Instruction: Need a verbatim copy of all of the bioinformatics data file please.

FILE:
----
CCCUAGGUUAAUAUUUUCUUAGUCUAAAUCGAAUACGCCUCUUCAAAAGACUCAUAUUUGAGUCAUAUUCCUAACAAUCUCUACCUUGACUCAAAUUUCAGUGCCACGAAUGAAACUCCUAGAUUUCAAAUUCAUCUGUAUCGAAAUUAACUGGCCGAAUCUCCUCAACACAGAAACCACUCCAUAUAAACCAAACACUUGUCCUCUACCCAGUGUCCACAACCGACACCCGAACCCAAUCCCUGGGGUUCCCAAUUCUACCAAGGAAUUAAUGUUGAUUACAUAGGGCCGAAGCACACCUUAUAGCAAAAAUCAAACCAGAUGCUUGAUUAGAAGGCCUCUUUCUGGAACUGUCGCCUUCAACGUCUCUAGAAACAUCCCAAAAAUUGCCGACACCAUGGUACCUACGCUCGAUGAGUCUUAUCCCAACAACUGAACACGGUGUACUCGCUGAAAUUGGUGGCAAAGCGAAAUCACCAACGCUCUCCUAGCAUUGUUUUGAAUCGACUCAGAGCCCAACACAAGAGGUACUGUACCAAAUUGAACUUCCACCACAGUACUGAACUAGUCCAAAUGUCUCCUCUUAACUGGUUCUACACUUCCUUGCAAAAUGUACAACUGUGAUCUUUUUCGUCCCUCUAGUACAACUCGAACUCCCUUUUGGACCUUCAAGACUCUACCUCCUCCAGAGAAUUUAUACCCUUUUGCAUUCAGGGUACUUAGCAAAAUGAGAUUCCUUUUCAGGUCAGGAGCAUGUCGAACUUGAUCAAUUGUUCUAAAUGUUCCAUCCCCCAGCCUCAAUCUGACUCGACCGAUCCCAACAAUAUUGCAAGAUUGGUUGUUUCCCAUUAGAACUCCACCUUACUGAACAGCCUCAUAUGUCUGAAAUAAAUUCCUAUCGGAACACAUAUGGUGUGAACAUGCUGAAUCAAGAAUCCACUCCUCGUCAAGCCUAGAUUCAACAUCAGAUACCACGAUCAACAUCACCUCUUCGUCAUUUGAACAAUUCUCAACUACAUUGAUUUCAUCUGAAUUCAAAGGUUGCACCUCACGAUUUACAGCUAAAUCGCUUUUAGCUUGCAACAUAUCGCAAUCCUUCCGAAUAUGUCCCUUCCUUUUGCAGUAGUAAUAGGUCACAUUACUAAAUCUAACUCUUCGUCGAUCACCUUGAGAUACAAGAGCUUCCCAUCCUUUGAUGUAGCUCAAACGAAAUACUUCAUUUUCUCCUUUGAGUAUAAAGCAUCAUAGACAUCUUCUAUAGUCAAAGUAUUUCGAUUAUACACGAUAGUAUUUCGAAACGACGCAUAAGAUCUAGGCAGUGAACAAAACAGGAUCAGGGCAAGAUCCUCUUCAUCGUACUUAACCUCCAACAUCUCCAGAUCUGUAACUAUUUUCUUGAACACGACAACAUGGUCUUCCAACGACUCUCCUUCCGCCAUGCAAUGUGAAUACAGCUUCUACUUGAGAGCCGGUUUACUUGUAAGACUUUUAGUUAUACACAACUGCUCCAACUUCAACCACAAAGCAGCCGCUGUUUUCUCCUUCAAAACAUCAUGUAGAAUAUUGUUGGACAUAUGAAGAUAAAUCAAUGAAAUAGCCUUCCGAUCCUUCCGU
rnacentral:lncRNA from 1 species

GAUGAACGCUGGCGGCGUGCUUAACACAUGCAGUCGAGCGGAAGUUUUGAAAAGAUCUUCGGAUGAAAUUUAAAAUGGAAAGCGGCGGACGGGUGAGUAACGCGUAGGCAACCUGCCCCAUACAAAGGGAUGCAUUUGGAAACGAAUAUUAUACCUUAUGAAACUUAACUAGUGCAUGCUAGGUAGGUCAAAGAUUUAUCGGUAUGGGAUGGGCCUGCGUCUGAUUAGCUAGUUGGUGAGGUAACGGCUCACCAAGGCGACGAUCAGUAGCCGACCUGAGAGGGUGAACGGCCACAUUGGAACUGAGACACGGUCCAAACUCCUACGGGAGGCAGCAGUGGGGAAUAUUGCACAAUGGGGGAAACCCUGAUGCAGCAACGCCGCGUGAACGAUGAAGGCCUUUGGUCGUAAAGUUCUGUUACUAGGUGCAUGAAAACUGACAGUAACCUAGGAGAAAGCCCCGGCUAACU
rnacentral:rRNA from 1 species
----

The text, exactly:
CCCUAGGUUAAUAUUUUCUUAGUCUAAAUCGAAUACGCCUCUUCAAAAGACUCAUAUUUGAGUCAUAUUCCUAACAAUCUCUACCUUGACUCAAAUUUCAGUGCCACGAAUGAAACUCCUAGAUUUCAAAUUCAUCUGUAUCGAAAUUAACUGGCCGAAUCUCCUCAACACAGAAACCACUCCAUAUAAACCAAACACUUGUCCUCUACCCAGUGUCCACAACCGACACCCGAACCCAAUCCCUGGGGUUCCCAAUUCUACCAAGGAAUUAAUGUUGAUUACAUAGGGCCGAAGCACACCUUAUAGCAAAAAUCAAACCAGAUGCUUGAUUAGAAGGCCUCUUUCUGGAACUGUCGCCUUCAACGUCUCUAGAAACAUCCCAAAAAUUGCCGACACCAUGGUACCUACGCUCGAUGAGUCUUAUCCCAACAACUGAACACGGUGUACUCGCUGAAAUUGGUGGCAAAGCGAAAUCACCAACGCUCUCCUAGCAUUGUUUUGAAUCGACUCAGAGCCCAACACAAGAGGUACUGUACCAAAUUGAACUUCCACCACAGUACUGAACUAGUCCAAAUGUCUCCUCUUAACUGGUUCUACACUUCCUUGCAAAAUGUACAACUGUGAUCUUUUUCGUCCCUCUAGUACAACUCGAACUCCCUUUUGGACCUUCAAGACUCUACCUCCUCCAGAGAAUUUAUACCCUUUUGCAUUCAGGGUACUUAGCAAAAUGAGAUUCCUUUUCAGGUCAGGAGCAUGUCGAACUUGAUCAAUUGUUCUAAAUGUUCCAUCCCCCAGCCUCAAUCUGACUCGACCGAUCCCAACAAUAUUGCAAGAUUGGUUGUUUCCCAUUAGAACUCCACCUUACUGAACAGCCUCAUAUGUCUGAAAUAAAUUCCUAUCGGAACACAUAUGGUGUGAACAUGCUGAAUCAAGAAUCCACUCCUCGUCAAGCCUAGAUUCAACAUCAGAUACCACGAUCAACAUCACCUCUUCGUCAUUUGAACAAUUCUCAACUACAUUGAUUUCAUCUGAAUUCAAAGGUUGCACCUCACGAUUUACAGCUAAAUCGCUUUUAGCUUGCAACAUAUCGCAAUCCUUCCGAAUAUGUCCCUUCCUUUUGCAGUAGUAAUAGGUCACAUUACUAAAUCUAACUCUUCGUCGAUCACCUUGAGAUACAAGAGCUUCCCAUCCUUUGAUGUAGCUCAAACGAAAUACUUCAUUUUCUCCUUUGAGUAUAAAGCAUCAUAGACAUCUUCUAUAGUCAAAGUAUUUCGAUUAUACACGAUAGUAUUUCGAAACGACGCAUAAGAUCUAGGCAGUGAACAAAACAGGAUCAGGGCAAGAUCCUCUUCAUCGUACUUAACCUCCAACAUCUCCAGAUCUGUAACUAUUUUCUUGAACACGACAACAUGGUCUUCCAACGACUCUCCUUCCGCCAUGCAAUGUGAAUACAGCUUCUACUUGAGAGCCGGUUUACUUGUAAGACUUUUAGUUAUACACAACUGCUCCAACUUCAACCACAAAGCAGCCGCUGUUUUCUCCUUCAAAACAUCAUGUAGAAUAUUGUUGGACAUAUGAAGAUAAAUCAAUGAAAUAGCCUUCCGAUCCUUCCGU
rnacentral:lncRNA from 1 species

GAUGAACGCUGGCGGCGUGCUUAACACAUGCAGUCGAGCGGAAGUUUUGAAAAGAUCUUCGGAUGAAAUUUAAAAUGGAAAGCGGCGGACGGGUGAGUAACGCGUAGGCAACCUGCCCCAUACAAAGGGAUGCAUUUGGAAACGAAUAUUAUACCUUAUGAAACUUAACUAGUGCAUGCUAGGUAGGUCAAAGAUUUAUCGGUAUGGGAUGGGCCUGCGUCUGAUUAGCUAGUUGGUGAGGUAACGGCUCACCAAGGCGACGAUCAGUAGCCGACCUGAGAGGGUGAACGGCCACAUUGGAACUGAGACACGGUCCAAACUCCUACGGGAGGCAGCAGUGGGGAAUAUUGCACAAUGGGGGAAACCCUGAUGCAGCAACGCCGCGUGAACGAUGAAGGCCUUUGGUCGUAAAGUUCUGUUACUAGGUGCAUGAAAACUGACAGUAACCUAGGAGAAAGCCCCGGCUAACU
rnacentral:rRNA from 1 species